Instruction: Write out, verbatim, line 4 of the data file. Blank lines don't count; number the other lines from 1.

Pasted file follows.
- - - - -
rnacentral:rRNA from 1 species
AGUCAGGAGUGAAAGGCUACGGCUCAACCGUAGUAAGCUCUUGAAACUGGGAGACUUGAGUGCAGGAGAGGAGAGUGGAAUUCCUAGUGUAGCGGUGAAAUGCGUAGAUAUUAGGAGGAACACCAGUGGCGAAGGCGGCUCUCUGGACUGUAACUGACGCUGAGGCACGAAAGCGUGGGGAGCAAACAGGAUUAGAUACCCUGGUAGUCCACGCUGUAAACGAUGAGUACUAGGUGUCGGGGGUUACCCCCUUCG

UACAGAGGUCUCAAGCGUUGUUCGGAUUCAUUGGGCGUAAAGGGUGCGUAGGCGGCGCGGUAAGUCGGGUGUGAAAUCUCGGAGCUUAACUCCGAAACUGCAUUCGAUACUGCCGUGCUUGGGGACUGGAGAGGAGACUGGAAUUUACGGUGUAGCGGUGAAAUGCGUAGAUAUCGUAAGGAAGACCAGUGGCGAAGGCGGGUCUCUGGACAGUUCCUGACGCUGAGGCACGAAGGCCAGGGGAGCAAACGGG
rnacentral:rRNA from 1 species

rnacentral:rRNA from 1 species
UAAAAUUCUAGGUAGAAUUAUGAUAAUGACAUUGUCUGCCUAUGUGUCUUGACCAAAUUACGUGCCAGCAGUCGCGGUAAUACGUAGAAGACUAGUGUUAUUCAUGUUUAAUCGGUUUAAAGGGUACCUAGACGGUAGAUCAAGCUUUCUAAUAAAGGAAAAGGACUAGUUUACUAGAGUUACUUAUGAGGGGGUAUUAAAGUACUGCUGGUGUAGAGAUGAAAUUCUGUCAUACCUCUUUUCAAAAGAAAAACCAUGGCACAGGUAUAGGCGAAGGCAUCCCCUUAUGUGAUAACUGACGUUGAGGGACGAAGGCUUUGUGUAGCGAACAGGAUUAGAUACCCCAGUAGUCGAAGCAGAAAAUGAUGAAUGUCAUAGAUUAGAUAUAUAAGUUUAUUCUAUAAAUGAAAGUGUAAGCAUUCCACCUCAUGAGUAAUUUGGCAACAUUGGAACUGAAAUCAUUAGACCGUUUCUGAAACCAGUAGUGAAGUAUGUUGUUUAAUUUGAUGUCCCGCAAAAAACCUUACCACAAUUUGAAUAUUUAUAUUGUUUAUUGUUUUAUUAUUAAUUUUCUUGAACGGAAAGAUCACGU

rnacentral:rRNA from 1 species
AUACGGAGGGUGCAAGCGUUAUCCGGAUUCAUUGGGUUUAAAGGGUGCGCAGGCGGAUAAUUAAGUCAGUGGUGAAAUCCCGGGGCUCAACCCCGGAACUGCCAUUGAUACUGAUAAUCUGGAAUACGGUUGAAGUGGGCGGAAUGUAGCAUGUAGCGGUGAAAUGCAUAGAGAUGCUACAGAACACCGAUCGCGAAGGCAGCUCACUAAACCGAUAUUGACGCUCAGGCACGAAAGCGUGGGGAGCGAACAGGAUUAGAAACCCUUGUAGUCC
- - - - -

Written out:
rnacentral:rRNA from 1 species